Beginner questions, connection issues, fallback not working

I installed Jitsi two weeks ago on a fresh install of Ubuntu 16.04.6 LTS.
In order to make use of turnserver, before installing Jitsi, I had to install a newer version of nginx (1.17.10) than would come with 16.04 repos, because of turnserver’s dependencies. That nginx version did not come with the same folder structure, so I had to create sites-enabled and modules-enabled folders or else the jitsi installation would fail. Afterwards, I included the two folders in /etc/nginx/nginx.conf and jitsi-meet was working.

There are a few issues though:
#1 Fallback to Port 443 TCP is not working (important for users behind restrictive corporate firewalls)
#2 The machine resolves its own url to its local IP for some users, despite them being outside of the server’s network.

Regarding #1:
I noticed that with the latest versions, the nginx configures itself to serve the web content internally on port 4444, according to /etc/nginx/sites-enabled/fqdn.conf
In /etc/nginx/modules-enabled/60-jitsi-meet.conf, the listener for 443 is enabled and upstream web is defined as 4444, whereas upstream turn is 4445. This is all configured like this out of the box.

/etc/hostname gives me fqdn
/etc/hosts gives me localhost fqdn

In /etc/jitsi/videobridge/, I added the following lines: 172.27.XXX.XXX 82.XXX.XXX.XXX

and commented out:[.]jitsi[.]net:443

/etc/jitsi/meet/fqdn -config.js has
useStunTurn: true,
p2p {
enabled: false,
useStunTurn: true,
stunServers: [
{ urls: ‘stun: fqdn: 4446’ }]

The firewall on the machine is configured to deny all incoming traffic aside from
And the physical firewall does the same.

As soon as I block port 10000 udp on my client or its router that accesses the machine via the internet, no more video, screenshare, or audio goes through.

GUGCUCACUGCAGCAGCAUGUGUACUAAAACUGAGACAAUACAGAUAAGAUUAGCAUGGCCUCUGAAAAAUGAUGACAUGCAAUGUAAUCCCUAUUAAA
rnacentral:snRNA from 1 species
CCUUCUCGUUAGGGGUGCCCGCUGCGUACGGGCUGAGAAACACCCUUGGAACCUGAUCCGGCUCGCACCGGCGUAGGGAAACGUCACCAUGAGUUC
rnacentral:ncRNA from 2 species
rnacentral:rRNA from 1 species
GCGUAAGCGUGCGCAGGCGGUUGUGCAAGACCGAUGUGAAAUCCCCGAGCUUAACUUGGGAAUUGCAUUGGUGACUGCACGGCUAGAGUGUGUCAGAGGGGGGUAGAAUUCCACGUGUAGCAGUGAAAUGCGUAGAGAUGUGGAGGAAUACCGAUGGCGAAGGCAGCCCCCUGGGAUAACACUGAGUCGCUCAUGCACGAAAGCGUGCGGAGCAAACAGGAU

What do I need to do to make use of fallback to port 443/tcp for tunneling media traffic?

Regarding #2:
Let’s say I have a web application that has the jitsi-meeet iframe client integrated like this:
script type=‘text/javascript’ src=‘https:// fqdn /external_api.js’

and within the js code,
const domain = ‘fqdn’;
The web application is accessed through a branch office vpn tunnel, the server ‘fqdn’ is not part of the tunnel and shall be accessed through the Internet, my users tell me the server responds by its internal IP, which, since it’s not part of the bovpn, cannot be resolved.
Much like situation #1, the participants see each others status and names, etc. but no media like video, audio, screensharing is transmitted.
What do I need to do regarding name resolution so that the fqdn of the machine is always resolved like the client would? If someone is inside the network where the server is located, the local IP shall be used, external users including tunnel users shall use the public IP to resolve the name (a public dns record exists)?

Everytime I wrote fqdn, we’re talking about a url including a subdomain, like ‘’ and it’s the same everywhere.

Thank you in advance for any input.